Postnatal maturation of the intestinal epithelial barrier in prairie voles

Research output: Contribution to journalArticle

Abstract

Intestinal epithelium develops during gestation and continues to mature post-natally into a selective barrier that will protect the individual while still allowing passage of nutrients. Until fully mature, the risk of translocation of microorganisms, toxins or antigens into the sub-epithelial tissue is high and could result in pathologies with life-altering consequences, or even premature death. Because of their monogamous mating system, prairie voles are an emerging model for studying the role of the intestinal microbiota in modulating social behavior via the microbiota-gut-brain-behavior axis. However, knowledge about the voles’ intestinal barrier maturation is lacking. Understanding the maturation of the intestine epithelial barrier can complement the extensive behavioral literature for future studies involving the vole gut-brain axis. In this study, we characterized intestinal barrier function by demonstrating that two-week-old prairie voles have high paracellular absorption of FITC-dextran molecules prior to markedly decreased permeability at three weeks of age. In light of the fundamental role of tight junctions in maintaining epithelial integrity regulating intestinal permeability, we examined tight junction gene expression profiles. Transmission electron microscopy was used to visualize tight junction structure. Our results provide a timeline for intestinal barrier maturation and point to tight junction proteins involved in this process in prairie voles.

Original languageEnglish
Pages (from-to)30-37
Number of pages8
JournalTissue and Cell
Volume54
DOIs
StatePublished - 1 Oct 2018

Fingerprint

Arvicolinae
Tight Junctions
Permeability
Tight Junction Proteins
Premature Mortality
Social Behavior
Brain
Intestinal Mucosa
Transmission Electron Microscopy
Transcriptome
Intestines
Epithelium
Grassland
Pathology
Antigens
Food
Pregnancy

Keywords

  • Colon epithelial barrier
  • Microtus ochrogaster
  • Prairie voles
  • Tight junctions

Cite this

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abstract = "Intestinal epithelium develops during gestation and continues to mature post-natally into a selective barrier that will protect the individual while still allowing passage of nutrients. Until fully mature, the risk of translocation of microorganisms, toxins or antigens into the sub-epithelial tissue is high and could result in pathologies with life-altering consequences, or even premature death. Because of their monogamous mating system, prairie voles are an emerging model for studying the role of the intestinal microbiota in modulating social behavior via the microbiota-gut-brain-behavior axis. However, knowledge about the voles’ intestinal barrier maturation is lacking. Understanding the maturation of the intestine epithelial barrier can complement the extensive behavioral literature for future studies involving the vole gut-brain axis. In this study, we characterized intestinal barrier function by demonstrating that two-week-old prairie voles have high paracellular absorption of FITC-dextran molecules prior to markedly decreased permeability at three weeks of age. In light of the fundamental role of tight junctions in maintaining epithelial integrity regulating intestinal permeability, we examined tight junction gene expression profiles. Transmission electron microscopy was used to visualize tight junction structure. Our results provide a timeline for intestinal barrier maturation and point to tight junction proteins involved in this process in prairie voles.",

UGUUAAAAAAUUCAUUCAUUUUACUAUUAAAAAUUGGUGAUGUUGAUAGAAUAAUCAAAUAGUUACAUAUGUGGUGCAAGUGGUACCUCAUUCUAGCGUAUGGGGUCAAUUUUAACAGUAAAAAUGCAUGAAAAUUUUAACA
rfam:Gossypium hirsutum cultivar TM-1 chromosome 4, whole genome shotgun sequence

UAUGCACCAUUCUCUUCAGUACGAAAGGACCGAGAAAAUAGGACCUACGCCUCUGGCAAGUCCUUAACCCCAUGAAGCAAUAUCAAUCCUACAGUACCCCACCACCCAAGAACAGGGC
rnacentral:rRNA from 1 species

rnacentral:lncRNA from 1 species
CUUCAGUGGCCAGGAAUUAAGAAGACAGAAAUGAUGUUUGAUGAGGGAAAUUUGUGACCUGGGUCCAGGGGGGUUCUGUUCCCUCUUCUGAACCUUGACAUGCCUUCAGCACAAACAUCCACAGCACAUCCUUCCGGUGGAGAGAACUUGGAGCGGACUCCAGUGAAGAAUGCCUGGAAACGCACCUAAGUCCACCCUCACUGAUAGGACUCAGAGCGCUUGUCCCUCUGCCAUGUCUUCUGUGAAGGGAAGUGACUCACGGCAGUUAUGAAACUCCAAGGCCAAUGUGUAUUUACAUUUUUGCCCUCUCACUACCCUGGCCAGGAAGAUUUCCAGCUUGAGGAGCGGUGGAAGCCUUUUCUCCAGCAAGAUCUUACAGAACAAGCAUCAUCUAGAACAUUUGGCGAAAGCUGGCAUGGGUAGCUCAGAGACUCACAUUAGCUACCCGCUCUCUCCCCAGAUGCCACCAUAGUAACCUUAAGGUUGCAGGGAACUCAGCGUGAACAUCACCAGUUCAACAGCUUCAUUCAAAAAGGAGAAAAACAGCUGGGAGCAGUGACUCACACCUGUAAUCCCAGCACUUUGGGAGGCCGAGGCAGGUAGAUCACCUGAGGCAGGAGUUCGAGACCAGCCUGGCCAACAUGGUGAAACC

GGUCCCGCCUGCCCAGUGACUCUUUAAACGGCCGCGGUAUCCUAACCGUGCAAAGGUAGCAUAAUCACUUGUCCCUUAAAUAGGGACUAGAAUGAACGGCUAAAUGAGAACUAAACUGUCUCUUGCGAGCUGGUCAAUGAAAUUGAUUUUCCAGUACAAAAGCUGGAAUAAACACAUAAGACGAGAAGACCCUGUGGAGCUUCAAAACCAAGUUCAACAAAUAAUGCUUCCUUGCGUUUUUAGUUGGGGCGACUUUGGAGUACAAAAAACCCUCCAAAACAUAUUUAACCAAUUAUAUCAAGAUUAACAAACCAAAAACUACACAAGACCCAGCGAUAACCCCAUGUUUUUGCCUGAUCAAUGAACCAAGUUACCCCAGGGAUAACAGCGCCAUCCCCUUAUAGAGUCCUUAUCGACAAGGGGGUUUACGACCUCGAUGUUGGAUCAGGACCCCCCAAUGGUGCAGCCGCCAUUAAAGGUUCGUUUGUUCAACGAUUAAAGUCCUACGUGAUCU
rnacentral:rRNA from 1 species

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Postnatal maturation of the intestinal epithelial barrier in prairie voles. / Supeck, David J.; Assefa, Senait; Meek, William; Curtis, Tom; Koehler, Gerwald.

In: Tissue and Cell, Vol. 54, 01.10.2018, p. 30-37.

Research output: Contribution to journalArticle

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